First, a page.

The arguments in favour of policy makers adopting an 'evidence-informed' approach are well established. In practice, however, the routine use of evidence is yet to be incorporated into educational policy making, with research being used to inform decision making in ad hoc, sporadic, and inconsistent ways. Policy makers are also prone to carefully selecting the evidence they do use, with alternative arguments dismissed as unfashionable, un-robust, or ideologically unsound. But, the work of government affects the lives of millions. If policies fail, therefore, they are likely to do so at huge cost to the taxpayer, while also resulting in inequitable, inefficient, or undesirable outcomes for large numbers of the population. Grounded both in empirical and theoretical analysis, this book re-examines the arguments in favour of an evidence-informed approach to education policy; spotlights the factors that lead to a wide variety of evidence and perspectives being disregarded by policy makers; and sets out why a paradigm of partnership between researchers and policy makers is required in order to improve the future for policy development.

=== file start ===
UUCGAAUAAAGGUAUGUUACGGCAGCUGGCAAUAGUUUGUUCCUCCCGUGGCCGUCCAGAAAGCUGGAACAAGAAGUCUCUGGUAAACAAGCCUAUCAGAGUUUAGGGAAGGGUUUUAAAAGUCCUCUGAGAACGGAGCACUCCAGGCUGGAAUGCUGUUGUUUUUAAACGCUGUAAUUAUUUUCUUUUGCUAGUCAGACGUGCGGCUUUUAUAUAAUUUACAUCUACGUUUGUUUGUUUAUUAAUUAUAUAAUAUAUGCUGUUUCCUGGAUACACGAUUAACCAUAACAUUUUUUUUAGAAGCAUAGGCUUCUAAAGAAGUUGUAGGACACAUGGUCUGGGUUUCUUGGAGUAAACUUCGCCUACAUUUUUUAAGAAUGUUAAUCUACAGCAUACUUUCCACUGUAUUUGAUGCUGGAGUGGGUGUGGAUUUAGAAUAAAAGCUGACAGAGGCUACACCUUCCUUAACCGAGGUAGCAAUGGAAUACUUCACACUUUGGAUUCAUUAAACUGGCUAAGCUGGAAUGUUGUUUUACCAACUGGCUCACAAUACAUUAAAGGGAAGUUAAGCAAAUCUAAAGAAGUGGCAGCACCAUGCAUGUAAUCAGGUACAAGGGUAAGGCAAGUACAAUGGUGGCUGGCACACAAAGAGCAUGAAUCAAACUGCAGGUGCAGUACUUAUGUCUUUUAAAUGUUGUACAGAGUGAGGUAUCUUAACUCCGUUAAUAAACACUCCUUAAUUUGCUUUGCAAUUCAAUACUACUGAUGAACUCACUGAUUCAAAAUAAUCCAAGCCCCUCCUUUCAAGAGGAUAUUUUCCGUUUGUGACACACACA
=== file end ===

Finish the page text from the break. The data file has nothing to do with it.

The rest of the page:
It argues that policy will never be 'evidence-informed', nor will initiatives be truly successful in the long term, unless both researchers (as storytellers) and policy makers (as audiences) understand and play their part in the 'evidence-informed' process. This book is aimed at both educational researchers and policy makers interested in enhancing the use of research outputs in policy making. While the book's primary domain is education, the concept of evidence-informed policy making has salience across a number of sectors, notably health and social care.